By Funmi Ogundare
Stakeholders drawn from the Technical and Vocational Education (TVE) sector recently converged for a Zoom webinar aimed at creating a forum for TVE managers to seek ways of building human capacity for the development of the country.
The programme themed ‘LASTVEB – Practical Skills Development in TVET pPost COVID-19’, saw participants emphasising on the importance of practicals in TVE, while maintaining government’s safety guidelines amidst COVID-19 pandemic; having a public/private synergy to build skills and ensuring that students are equipped with the required skills to compete effectively in the outside world.
Other issues they dwelt on included: training teachers and facilitators on the new normal; boosting the curriculum to meet with the changing times; ensuring that government increase its investment in infrastructure and that policy on health and safety becomes a law, among others.
In her remarks, the Executive Secretary, Lagos State Vocational and Technical Education Board (LASTVEB), Ms. Ronke Azeez said COVID-19 has brought about a change from what people used to do, as many things taken for granted in institutions are no longer tenable.
She said she was concerned about the readiness of stakeholders of vocational and technical institutions as schools prepare to resume.
“We have read and heard that institutions are going to resume soon, but are vocational and technical institutions and their stakeholders ready?
“What does ready mean to us? Does ready mean investing in more workshops, laboratories, tools, to ensure that quality learning continues when following COVID-19 guidelines? Does it mean taking on fewer learners at a point in time? Can we carry out apprenticeship on-line? Can all our skills development take place on-line. What would be the implication of all these and many more for the technical and vocational education providers and for the learners?”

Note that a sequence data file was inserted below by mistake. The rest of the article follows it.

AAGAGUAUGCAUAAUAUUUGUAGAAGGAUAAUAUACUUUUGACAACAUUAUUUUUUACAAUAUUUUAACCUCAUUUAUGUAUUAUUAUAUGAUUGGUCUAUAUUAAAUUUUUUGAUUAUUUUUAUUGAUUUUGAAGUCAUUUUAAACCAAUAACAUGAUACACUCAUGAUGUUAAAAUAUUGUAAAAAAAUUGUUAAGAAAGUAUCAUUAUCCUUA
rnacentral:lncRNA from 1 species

The Head of Department, TVE, Yaba College of Technology (YABATECH), Dr. Jaiyeola Onipede stressed the importance of TVE to the development of the country, adding that efforts must be put in place to train students and youths in skills acquisition.
“The new normal means that things will not be as it used to, we must take up the challenge. Skills development needs hands-on which means we must work with machines and tools, and be on site to impart knowledge.”
He highlighted new approaches to skills development to include e-learning, blended learning, formalising the informal apprenticeship and ensuring a public/private partnership to build a skills bridge.
“How do we ensure this type of learning? Every TVET personnel must accept a change and have a positive attitude towards the new normal. We must also update our training, facilities and develop new course materials,” he said.
A representative of West African Vocational Education Academy (WAVE), Ms. Ruth David said with the changing reality, there is need for curriculum upgrade and retraining of teachers and facilitators on the health implications of being in the classroom and ensuring that there is social distancing among students.
The Chief Executive Officer, Automedics, Mr. Kunle Sonaike emphasised need for trainees to be how taught how to interact with the outside world while keeping to government’s guidelines.
“Some of the things we have taught our trainees is how to interact with customers because they will be going to the field for practicals, we have taught them that before they get into any vehicle, it must be sanitised. You have to prepare them for the outside world aside being safe in the classroom.”
The Dean, Universal Learn Direct Academia (ULDA), Mr. Babatunde Faleye called for the upgrade of the Work Base Learning (WBL) structure, adding that once students resume, they could come in batches and with tools made readily available to them for use.
“Anytime a trainee uses any tool, we must sanitise the tools,” he said.